The equal importance given to these messages, the amplification of doing yoga with perfect hair and immaculate makeup, while wearing only ethically-produced organic cotton and drinking something suspiciously green, means the boundary between perceived, and actual, importance is blurred. As demonstrated by my use of the word “important/ce” five times in two paragraphs, the overall effect is we become overwhelmed by ALL OF THE IMPORTANCE (six).
It’s not even as straightforward as being ruthless and unfollowing the things you are not interested in. For me that means coming to terms with the fact that I’m not that bothered about exercising or eating well. I mean, who wants to admit they essentially want to die young?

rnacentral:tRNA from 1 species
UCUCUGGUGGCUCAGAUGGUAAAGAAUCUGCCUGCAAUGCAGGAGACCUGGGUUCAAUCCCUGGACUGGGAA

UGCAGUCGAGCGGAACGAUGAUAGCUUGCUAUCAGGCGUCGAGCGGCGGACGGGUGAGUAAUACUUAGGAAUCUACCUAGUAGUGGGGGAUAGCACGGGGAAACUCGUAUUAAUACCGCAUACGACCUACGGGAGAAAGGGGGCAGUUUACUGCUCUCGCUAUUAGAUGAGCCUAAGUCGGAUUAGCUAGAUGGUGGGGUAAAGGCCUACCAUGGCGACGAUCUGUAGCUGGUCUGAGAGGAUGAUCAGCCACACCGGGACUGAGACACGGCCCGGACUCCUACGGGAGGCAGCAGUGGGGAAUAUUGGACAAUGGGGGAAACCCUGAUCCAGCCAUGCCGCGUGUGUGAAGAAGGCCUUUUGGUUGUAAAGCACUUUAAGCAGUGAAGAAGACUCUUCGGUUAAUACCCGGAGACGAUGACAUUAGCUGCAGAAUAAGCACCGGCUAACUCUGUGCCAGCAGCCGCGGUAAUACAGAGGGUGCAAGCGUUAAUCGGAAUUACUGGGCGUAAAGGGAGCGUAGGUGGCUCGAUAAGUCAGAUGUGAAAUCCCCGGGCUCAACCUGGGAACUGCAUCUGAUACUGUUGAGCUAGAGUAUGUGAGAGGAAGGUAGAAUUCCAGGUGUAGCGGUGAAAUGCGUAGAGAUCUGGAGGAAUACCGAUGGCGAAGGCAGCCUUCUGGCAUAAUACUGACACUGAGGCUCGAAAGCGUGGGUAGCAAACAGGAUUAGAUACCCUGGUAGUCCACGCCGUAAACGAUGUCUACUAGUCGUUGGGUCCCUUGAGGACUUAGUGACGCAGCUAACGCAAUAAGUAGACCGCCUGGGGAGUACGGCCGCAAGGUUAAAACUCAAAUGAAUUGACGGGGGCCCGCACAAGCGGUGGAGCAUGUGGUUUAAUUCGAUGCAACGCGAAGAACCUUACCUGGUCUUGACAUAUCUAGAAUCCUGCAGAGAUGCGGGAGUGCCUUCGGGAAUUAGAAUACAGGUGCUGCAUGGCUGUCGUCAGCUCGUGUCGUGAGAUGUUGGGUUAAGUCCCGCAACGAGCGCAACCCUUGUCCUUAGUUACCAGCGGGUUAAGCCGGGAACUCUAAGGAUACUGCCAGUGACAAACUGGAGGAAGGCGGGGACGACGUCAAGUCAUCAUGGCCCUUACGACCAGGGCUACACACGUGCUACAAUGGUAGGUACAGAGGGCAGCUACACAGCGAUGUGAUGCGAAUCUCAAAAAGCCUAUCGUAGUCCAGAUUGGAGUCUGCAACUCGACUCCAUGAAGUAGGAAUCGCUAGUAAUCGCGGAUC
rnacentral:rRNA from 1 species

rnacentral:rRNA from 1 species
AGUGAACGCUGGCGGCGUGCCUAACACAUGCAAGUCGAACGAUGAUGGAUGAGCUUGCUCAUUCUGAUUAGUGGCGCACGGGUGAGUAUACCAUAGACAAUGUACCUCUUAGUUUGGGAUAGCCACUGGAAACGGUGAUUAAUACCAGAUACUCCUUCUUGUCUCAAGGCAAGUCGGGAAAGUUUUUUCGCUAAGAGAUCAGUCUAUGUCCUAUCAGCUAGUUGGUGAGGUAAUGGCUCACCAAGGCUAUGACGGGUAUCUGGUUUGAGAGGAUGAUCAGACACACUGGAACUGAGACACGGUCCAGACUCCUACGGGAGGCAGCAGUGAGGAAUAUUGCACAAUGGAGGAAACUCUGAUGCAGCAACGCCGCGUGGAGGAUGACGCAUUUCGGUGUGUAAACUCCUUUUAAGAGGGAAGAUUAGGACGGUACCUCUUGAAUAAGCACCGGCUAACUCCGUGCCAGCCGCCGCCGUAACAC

I know this is BAD, I really should care, and so I carry on following the feeds with an unrealistic idea that one day I will find the room in my life to do something about it.
And so we arrive back at the #selfcare induced rebellion.
I’d lost perspective, my filters had failed, and I’d jumbled together the important and the trivial until my synapses trembled with a dial-up warbling of no-connection. The only thing to do was to turn my back on it all and let my echo chamber ring silent.